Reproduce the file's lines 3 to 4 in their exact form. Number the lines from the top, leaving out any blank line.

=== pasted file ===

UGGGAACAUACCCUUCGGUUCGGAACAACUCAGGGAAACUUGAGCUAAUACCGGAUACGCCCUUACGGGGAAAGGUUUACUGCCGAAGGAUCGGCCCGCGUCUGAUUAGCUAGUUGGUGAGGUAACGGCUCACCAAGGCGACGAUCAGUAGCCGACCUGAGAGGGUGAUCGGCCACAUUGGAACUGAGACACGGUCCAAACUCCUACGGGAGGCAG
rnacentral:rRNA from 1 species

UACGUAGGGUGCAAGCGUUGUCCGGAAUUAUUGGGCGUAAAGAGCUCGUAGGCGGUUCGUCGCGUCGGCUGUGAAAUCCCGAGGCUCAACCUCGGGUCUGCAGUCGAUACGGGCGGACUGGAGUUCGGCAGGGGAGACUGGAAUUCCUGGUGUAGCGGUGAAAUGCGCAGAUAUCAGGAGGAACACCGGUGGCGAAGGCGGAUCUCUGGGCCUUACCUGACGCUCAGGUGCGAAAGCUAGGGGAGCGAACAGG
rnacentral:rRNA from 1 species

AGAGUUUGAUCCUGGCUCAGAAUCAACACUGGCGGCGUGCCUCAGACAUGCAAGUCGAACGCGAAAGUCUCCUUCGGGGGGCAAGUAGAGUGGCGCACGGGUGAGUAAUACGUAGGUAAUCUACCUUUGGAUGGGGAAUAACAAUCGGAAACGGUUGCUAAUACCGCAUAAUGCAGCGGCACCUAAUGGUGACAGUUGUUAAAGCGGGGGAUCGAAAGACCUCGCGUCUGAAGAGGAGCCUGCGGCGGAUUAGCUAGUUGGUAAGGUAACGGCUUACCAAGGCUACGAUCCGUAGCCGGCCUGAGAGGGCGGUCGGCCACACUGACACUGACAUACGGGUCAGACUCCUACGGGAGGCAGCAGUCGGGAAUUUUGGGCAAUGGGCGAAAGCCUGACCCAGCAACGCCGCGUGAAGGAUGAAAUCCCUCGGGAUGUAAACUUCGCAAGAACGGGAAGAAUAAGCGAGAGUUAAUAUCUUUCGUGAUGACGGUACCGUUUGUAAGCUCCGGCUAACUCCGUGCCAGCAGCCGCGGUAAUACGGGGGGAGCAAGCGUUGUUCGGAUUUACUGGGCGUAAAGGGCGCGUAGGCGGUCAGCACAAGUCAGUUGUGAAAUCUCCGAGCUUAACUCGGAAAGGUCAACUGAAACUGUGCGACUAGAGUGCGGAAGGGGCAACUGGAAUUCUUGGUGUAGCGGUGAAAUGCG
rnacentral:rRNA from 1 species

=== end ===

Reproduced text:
UACGUAGGGUGCAAGCGUUGUCCGGAAUUAUUGGGCGUAAAGAGCUCGUAGGCGGUUCGUCGCGUCGGCUGUGAAAUCCCGAGGCUCAACCUCGGGUCUGCAGUCGAUACGGGCGGACUGGAGUUCGGCAGGGGAGACUGGAAUUCCUGGUGUAGCGGUGAAAUGCGCAGAUAUCAGGAGGAACACCGGUGGCGAAGGCGGAUCUCUGGGCCUUACCUGACGCUCAGGUGCGAAAGCUAGGGGAGCGAACAGG
rnacentral:rRNA from 1 species